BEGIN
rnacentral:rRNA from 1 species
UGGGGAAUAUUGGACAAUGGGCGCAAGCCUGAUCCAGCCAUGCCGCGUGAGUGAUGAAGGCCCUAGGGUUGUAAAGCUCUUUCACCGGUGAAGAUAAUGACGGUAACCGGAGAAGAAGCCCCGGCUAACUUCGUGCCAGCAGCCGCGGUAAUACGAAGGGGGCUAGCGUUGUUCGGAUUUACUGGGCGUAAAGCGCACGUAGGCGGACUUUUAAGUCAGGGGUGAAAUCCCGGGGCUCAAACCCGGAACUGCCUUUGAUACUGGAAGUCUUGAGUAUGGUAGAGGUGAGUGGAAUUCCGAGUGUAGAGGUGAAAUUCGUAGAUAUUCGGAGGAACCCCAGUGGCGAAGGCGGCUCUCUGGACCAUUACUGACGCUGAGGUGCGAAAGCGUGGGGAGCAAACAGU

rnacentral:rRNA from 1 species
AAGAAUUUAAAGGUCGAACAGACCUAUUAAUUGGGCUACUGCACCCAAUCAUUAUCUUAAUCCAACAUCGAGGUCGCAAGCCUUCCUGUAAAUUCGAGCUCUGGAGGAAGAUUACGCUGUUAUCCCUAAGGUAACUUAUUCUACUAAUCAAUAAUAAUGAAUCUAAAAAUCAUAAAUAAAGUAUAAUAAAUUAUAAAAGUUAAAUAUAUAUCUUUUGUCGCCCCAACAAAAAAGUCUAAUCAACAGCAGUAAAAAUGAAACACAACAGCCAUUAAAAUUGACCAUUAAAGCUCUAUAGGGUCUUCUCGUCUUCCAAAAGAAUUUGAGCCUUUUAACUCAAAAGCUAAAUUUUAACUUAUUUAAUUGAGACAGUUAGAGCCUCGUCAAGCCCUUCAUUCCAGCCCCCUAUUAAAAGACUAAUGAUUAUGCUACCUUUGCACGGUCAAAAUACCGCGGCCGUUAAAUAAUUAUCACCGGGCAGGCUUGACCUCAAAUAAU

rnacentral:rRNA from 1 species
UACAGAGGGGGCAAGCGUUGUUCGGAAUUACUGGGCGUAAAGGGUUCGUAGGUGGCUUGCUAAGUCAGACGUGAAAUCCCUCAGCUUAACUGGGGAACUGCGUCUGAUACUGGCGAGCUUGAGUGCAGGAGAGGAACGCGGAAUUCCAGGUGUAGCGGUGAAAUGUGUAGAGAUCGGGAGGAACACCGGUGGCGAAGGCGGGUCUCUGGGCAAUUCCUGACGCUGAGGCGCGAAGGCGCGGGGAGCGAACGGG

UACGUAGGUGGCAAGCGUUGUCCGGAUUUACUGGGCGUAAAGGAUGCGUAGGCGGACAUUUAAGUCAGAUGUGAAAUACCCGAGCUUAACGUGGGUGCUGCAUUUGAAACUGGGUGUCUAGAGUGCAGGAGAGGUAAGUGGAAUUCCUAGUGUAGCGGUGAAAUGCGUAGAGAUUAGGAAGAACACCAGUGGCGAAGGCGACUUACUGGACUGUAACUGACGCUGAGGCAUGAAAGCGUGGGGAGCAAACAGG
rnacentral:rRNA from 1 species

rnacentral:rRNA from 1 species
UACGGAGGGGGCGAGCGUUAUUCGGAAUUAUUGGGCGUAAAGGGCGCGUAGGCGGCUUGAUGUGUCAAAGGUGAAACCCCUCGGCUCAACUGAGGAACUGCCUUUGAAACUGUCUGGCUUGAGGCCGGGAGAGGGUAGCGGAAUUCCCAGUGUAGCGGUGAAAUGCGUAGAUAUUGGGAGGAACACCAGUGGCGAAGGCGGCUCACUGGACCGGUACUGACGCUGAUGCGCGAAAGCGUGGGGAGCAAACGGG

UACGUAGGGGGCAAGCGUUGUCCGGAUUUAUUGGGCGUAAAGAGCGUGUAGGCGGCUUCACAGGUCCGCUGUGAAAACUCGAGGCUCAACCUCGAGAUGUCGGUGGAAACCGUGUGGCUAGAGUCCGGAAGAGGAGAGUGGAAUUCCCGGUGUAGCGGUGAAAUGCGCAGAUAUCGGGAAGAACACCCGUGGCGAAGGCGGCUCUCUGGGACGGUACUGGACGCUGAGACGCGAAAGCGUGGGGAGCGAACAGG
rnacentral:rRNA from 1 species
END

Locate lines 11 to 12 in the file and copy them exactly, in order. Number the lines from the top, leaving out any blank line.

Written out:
UACGUAGGGGGCAAGCGUUGUCCGGAUUUAUUGGGCGUAAAGAGCGUGUAGGCGGCUUCACAGGUCCGCUGUGAAAACUCGAGGCUCAACCUCGAGAUGUCGGUGGAAACCGUGUGGCUAGAGUCCGGAAGAGGAGAGUGGAAUUCCCGGUGUAGCGGUGAAAUGCGCAGAUAUCGGGAAGAACACCCGUGGCGAAGGCGGCUCUCUGGGACGGUACUGGACGCUGAGACGCGAAAGCGUGGGGAGCGAACAGG
rnacentral:rRNA from 1 species